by John Rubino
The past few months have seen some unusual, maybe even unique, developments in the gold and silver futures markets, with gold becoming extremely bearish and silver almost ridiculously bullish.
Neither imbalance has amounted to much in terms of price action, so it’s not clear whether the most recent changes matter. Still, the action in both gold and silver futures remains unusual enough to bear watching.
Beginning with gold, large speculators have lately been hyper-bullish and commercials extremely bearish. Since the former tend to be wrong at the extremes and the latter right, that was disturbing for anyone who didn’t like the idea of gold tanking in the short term.
Gold did fall a bit lately, to the low $1,300s, and that seems to have been enough to cause futures players to start unwinding their extreme positions. Speculators cut their net long bets by about 30,000 contracts and commercials cut their net shorts by a similar amount, which in the scheme of things is a big change. Another few weeks like this and both speculators and commercials will be close to neutral, which is positive for gold’s price going forward.
But silver has been and remains the really interesting case. Speculators – who are almost never net-short – spent a few weeks in that state before briefly reverting to slightly net long. But last week they jumped back to net-short in a big way (the bottom row shows the change in each position).
Here’s the action presented in graphical form, with the gray bars representing large speculators. Note how in the previous couple of cycles (early and late 2017) the speculators’ net positions got close to zero but then bounced back quickly to the more normal net-long. But in the current cycle they’ve been net-short for most of the past two months.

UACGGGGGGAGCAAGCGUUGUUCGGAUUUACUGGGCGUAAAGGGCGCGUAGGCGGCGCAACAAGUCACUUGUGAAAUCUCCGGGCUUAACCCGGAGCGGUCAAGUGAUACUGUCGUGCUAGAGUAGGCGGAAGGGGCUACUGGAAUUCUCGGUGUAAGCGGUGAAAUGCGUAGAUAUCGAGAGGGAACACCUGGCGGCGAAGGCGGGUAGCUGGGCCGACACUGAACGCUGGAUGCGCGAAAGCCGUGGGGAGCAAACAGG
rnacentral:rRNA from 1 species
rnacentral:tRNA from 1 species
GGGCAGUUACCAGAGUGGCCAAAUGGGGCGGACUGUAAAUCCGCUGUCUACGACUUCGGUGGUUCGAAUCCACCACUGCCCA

This has flummoxed industry analysts and led to some silver-to-the-moon predictionswhich, based on the rising volatility in the broader financial markets, are at least plausible.
Gold-Silver Ratio Also Looks Good For Silver
An intermediate-term indicator that’s also good for silver is the metal’s price relative to that of gold. As you can see, it’s getting to levels that over the past decade have seen silver subsequently outperform gold for a while.
Which leads to the “how do you buy and store it?” discussion, which is more important with precious metals than with any other asset class. It’s actually possible to be right about the direction of these metals but so wrong about acquisition/storage strategy that you end up losing rather than making money. So research the dealer you eventually buy from, and keep what you buy in a safe place. Secure vault storage for gold and silver is a good way to diversify your holdings beyond what you keep at home or in a bank safe deposit box.